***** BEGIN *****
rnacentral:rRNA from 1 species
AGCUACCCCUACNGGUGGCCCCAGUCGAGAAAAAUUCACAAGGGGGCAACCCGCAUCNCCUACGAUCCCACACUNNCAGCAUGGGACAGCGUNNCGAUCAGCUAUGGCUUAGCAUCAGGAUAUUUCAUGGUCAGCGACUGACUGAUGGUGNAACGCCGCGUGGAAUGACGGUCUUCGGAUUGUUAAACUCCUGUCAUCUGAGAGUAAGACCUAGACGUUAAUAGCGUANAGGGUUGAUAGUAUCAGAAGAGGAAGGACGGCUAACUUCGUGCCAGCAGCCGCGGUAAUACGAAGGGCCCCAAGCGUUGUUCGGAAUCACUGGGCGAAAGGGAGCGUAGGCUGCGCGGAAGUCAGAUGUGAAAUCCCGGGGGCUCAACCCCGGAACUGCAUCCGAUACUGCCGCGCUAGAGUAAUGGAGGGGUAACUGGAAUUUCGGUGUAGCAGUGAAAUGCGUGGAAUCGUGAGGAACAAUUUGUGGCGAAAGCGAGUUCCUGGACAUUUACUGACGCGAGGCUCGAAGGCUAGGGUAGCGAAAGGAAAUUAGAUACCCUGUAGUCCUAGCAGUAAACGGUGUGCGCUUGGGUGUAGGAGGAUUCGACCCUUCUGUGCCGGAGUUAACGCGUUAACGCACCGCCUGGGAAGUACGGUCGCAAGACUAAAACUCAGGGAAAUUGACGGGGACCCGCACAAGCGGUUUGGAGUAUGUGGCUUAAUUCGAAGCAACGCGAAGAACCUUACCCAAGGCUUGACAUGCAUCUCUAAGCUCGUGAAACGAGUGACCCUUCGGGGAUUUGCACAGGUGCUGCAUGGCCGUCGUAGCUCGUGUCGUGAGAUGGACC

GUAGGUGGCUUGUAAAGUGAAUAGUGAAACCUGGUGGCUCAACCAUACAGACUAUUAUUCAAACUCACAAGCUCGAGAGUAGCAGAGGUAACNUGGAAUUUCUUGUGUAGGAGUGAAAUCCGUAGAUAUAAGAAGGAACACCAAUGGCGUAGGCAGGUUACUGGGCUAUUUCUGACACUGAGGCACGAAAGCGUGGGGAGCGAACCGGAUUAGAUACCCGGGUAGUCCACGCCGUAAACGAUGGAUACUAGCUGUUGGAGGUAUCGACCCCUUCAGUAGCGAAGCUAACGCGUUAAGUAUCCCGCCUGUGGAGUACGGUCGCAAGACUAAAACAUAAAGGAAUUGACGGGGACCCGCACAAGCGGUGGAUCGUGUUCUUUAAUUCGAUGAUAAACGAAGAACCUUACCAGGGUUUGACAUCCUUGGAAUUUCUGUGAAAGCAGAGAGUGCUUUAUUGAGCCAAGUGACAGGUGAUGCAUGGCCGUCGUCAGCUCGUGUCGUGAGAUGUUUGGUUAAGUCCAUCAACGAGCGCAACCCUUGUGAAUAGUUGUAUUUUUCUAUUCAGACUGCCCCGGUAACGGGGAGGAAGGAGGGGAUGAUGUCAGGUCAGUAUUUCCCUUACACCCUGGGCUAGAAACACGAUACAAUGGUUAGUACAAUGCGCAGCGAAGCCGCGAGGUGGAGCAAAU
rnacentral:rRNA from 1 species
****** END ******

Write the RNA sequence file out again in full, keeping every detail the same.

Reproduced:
rnacentral:rRNA from 1 species
AGCUACCCCUACNGGUGGCCCCAGUCGAGAAAAAUUCACAAGGGGGCAACCCGCAUCNCCUACGAUCCCACACUNNCAGCAUGGGACAGCGUNNCGAUCAGCUAUGGCUUAGCAUCAGGAUAUUUCAUGGUCAGCGACUGACUGAUGGUGNAACGCCGCGUGGAAUGACGGUCUUCGGAUUGUUAAACUCCUGUCAUCUGAGAGUAAGACCUAGACGUUAAUAGCGUANAGGGUUGAUAGUAUCAGAAGAGGAAGGACGGCUAACUUCGUGCCAGCAGCCGCGGUAAUACGAAGGGCCCCAAGCGUUGUUCGGAAUCACUGGGCGAAAGGGAGCGUAGGCUGCGCGGAAGUCAGAUGUGAAAUCCCGGGGGCUCAACCCCGGAACUGCAUCCGAUACUGCCGCGCUAGAGUAAUGGAGGGGUAACUGGAAUUUCGGUGUAGCAGUGAAAUGCGUGGAAUCGUGAGGAACAAUUUGUGGCGAAAGCGAGUUCCUGGACAUUUACUGACGCGAGGCUCGAAGGCUAGGGUAGCGAAAGGAAAUUAGAUACCCUGUAGUCCUAGCAGUAAACGGUGUGCGCUUGGGUGUAGGAGGAUUCGACCCUUCUGUGCCGGAGUUAACGCGUUAACGCACCGCCUGGGAAGUACGGUCGCAAGACUAAAACUCAGGGAAAUUGACGGGGACCCGCACAAGCGGUUUGGAGUAUGUGGCUUAAUUCGAAGCAACGCGAAGAACCUUACCCAAGGCUUGACAUGCAUCUCUAAGCUCGUGAAACGAGUGACCCUUCGGGGAUUUGCACAGGUGCUGCAUGGCCGUCGUAGCUCGUGUCGUGAGAUGGACC

GUAGGUGGCUUGUAAAGUGAAUAGUGAAACCUGGUGGCUCAACCAUACAGACUAUUAUUCAAACUCACAAGCUCGAGAGUAGCAGAGGUAACNUGGAAUUUCUUGUGUAGGAGUGAAAUCCGUAGAUAUAAGAAGGAACACCAAUGGCGUAGGCAGGUUACUGGGCUAUUUCUGACACUGAGGCACGAAAGCGUGGGGAGCGAACCGGAUUAGAUACCCGGGUAGUCCACGCCGUAAACGAUGGAUACUAGCUGUUGGAGGUAUCGACCCCUUCAGUAGCGAAGCUAACGCGUUAAGUAUCCCGCCUGUGGAGUACGGUCGCAAGACUAAAACAUAAAGGAAUUGACGGGGACCCGCACAAGCGGUGGAUCGUGUUCUUUAAUUCGAUGAUAAACGAAGAACCUUACCAGGGUUUGACAUCCUUGGAAUUUCUGUGAAAGCAGAGAGUGCUUUAUUGAGCCAAGUGACAGGUGAUGCAUGGCCGUCGUCAGCUCGUGUCGUGAGAUGUUUGGUUAAGUCCAUCAACGAGCGCAACCCUUGUGAAUAGUUGUAUUUUUCUAUUCAGACUGCCCCGGUAACGGGGAGGAAGGAGGGGAUGAUGUCAGGUCAGUAUUUCCCUUACACCCUGGGCUAGAAACACGAUACAAUGGUUAGUACAAUGCGCAGCGAAGCCGCGAGGUGGAGCAAAU
rnacentral:rRNA from 1 species